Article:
March 9 (Bloomberg) -- European Central Bank Executive Board member Benoit Coeure said record low interest rates may prompt banks to delay repairing their balance sheets.
“Low short-term interest rates in the euro area should in the short term help to prevent a disorderly adjustment of balance sheets and support the profitability of financial institutions, but they may weaken the incentives for repairing balance sheets in the first place,” Coeure said in the text of a speech delivered in Paris on March 6 and published today.
While the ECB kept its benchmark lending rate at a record low of 1 percent for a fourth month yesterday, ECB President Mario Draghi signaled the central bank has done enough to battle the debt and financial crisis, laying the groundwork for an eventual exit from low interest rates and emergency lending measures by turning the spotlight on inflation again.
“The ECB has used conventional and non-conventional measures to support price stability,” Coeure said. “It is striving to restore the transmission channels of monetary policy and make sure that the impulse stemming from it is transmitted uniformly across the 17 economies of the euro area.”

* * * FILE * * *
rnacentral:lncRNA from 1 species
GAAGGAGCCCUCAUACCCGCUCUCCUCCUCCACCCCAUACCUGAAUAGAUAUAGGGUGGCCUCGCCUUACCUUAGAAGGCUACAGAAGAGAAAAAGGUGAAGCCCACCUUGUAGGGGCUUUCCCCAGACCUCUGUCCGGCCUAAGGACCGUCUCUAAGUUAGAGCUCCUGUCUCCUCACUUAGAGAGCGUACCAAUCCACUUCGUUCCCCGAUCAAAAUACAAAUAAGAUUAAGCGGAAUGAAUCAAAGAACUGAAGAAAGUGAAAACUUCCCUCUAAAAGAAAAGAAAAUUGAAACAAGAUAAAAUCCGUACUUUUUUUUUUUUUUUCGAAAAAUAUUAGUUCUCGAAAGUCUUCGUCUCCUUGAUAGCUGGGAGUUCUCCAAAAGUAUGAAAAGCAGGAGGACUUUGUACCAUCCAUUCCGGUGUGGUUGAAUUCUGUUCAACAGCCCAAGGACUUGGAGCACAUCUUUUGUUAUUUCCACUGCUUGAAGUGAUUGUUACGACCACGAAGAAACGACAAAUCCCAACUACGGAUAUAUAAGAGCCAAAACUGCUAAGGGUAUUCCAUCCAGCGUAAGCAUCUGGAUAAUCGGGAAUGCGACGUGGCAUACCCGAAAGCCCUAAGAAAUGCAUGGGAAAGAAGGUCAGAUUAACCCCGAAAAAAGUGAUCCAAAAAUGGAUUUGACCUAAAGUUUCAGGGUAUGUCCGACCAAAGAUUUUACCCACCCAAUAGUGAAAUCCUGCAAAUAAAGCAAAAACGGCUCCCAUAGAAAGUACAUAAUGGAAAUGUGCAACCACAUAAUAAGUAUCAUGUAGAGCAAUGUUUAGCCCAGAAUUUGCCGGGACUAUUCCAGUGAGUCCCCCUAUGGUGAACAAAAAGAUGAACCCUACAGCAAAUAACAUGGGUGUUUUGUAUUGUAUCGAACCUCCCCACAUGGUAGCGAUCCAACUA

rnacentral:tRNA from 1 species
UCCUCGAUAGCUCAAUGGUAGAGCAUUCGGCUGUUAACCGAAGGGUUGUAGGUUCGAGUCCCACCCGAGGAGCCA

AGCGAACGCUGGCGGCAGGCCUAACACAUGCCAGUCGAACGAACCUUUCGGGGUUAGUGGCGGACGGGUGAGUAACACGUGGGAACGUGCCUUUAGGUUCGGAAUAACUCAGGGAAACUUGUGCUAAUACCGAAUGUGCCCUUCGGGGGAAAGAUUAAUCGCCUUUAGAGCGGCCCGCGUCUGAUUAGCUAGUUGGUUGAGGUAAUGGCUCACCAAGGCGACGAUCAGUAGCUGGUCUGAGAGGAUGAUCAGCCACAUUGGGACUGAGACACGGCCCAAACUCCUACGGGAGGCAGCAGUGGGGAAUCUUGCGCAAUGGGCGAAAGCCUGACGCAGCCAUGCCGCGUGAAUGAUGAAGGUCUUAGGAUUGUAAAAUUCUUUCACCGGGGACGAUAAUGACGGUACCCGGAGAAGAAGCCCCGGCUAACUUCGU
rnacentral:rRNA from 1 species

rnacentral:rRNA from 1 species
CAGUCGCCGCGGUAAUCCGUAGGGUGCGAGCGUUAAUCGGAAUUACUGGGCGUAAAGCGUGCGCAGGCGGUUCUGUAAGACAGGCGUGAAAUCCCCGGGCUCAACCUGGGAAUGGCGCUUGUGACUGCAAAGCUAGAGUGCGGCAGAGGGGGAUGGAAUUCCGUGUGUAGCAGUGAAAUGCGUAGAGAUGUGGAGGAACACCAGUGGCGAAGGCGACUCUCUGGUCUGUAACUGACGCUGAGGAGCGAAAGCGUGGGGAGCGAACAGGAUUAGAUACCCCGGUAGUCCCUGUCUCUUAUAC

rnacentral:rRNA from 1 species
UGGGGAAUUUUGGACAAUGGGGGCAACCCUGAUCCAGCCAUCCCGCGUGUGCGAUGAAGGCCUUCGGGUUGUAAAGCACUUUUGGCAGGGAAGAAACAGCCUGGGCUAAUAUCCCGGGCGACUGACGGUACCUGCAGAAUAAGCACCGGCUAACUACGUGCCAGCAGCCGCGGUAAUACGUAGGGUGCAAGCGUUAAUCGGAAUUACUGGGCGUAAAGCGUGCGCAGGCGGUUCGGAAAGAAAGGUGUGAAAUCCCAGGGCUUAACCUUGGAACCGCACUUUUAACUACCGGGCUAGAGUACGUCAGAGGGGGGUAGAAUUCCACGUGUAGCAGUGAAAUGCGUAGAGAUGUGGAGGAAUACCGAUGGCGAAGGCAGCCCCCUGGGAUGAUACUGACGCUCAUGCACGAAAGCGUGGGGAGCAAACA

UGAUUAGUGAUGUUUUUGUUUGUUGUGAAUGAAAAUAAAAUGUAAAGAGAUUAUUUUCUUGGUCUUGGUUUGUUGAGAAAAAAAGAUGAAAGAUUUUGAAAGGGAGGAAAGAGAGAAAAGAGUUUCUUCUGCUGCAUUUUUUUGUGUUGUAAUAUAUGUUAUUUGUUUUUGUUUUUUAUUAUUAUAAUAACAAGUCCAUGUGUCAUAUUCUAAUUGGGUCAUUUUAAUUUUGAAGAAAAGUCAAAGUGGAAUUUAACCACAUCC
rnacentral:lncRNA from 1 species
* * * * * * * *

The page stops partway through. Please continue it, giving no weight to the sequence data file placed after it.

Coeure echoed Draghi’s sentiment on a more favorable economic outlook, saying that government action on stricter fiscal enforcement and other economic policies is “bearing fruit.”
The policy maker, who until this year was the chief economist of France’s Treasury, restated the ECB’s policy that euro-denominated securities should be cleared within the 17-nation currency bloc. The matter is currently the subject of a legal dispute with the U.K.
“I would like to reaffirm that as a rule, the core infrastructures for the euro should be located in the euro area,” Coeure said. “There can and should be no automatic granting of liquidity to offshore” clearing houses.
Britain is suing the ECB over this policy, trying to protect the business of London-based houses that clear euro-denominated products. The U.K. government accuses the central bank of going against principles of the European Union single market and contravening European law amid wider international efforts to regulate derivatives markets.
Separately, Coeure said euro-area nations should be allowed to toughen some bank rules beyond normal EU standards if their financial stability is threatened.
The ECB has proposed “the possibility for national authorities, within the framework of a single EU rulebook, to adopt -– with specific safeguards -– stricter requirements in their respective member states for macro-prudential reasons,” he said. “This is necessary because member states need to address country-specific financial stability concerns stemming from different structural features of their domestic financial systems.”
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